Rare Duck Now Rat-Free and Loving It
The world's most endangered duck species now has a second home, a booming breeding season, and a new hope for survival.
Three years ago, the U.S. Geological Survey and U.S. Fish & Wildlife Service collaborated to move 42 Laysan teal ducks from their only home on Laysan Island -- where their population has been practically obliterated by introduced predators like rats and mongooses -- to the rat-free Midway Atoll, located 750 miles away.
Although evidence suggests that the Laysan teal once lived all across the Hawaiian islands, their population had been killed off everywhere but Laysan Island by 1860. Located too far out to sea for the birds to migrate away from the island, the birds barely survived the next 150 years, and scientists feared that a single natural disaster could wipe out the species forever.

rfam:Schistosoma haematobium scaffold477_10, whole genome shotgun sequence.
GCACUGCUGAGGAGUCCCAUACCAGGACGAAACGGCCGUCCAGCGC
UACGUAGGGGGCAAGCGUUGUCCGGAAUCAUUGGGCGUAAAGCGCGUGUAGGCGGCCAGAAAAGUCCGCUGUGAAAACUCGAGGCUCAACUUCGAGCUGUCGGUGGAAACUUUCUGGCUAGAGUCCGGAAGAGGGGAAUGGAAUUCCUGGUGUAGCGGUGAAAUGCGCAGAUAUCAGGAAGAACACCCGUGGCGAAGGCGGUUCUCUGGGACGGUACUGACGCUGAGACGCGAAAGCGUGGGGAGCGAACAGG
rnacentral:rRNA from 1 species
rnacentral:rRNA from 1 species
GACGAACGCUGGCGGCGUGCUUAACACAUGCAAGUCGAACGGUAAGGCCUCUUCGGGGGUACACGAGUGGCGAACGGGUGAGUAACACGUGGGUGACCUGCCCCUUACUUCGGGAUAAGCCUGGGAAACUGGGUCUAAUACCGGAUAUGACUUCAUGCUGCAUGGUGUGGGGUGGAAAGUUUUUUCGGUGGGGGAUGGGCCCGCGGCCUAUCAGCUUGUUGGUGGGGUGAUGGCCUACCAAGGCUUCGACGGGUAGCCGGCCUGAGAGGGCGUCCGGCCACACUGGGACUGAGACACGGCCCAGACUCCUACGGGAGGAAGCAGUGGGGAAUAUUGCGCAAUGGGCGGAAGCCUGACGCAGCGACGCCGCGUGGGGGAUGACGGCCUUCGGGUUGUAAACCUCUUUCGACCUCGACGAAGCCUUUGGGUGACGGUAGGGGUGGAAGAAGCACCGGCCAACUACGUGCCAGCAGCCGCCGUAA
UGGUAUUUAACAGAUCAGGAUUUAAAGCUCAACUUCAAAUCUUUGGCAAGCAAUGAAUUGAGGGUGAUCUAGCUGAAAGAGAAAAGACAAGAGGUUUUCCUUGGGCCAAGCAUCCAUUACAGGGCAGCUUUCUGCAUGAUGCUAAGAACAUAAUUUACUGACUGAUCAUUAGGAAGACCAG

And so the Survey and the Service trapped a handful of ducks, equipped them with tracking transmitters, and trekked them 750 miles across the ocean to their new home.
It's been a successful move, and reports indicated that there are now approximately 200 ducks living on Midway. With the success of this experiment, the team is now even considering starting a third population on another island.
I don't get to report on success stories too often, so let's hope this is one species that continues to experience good news.
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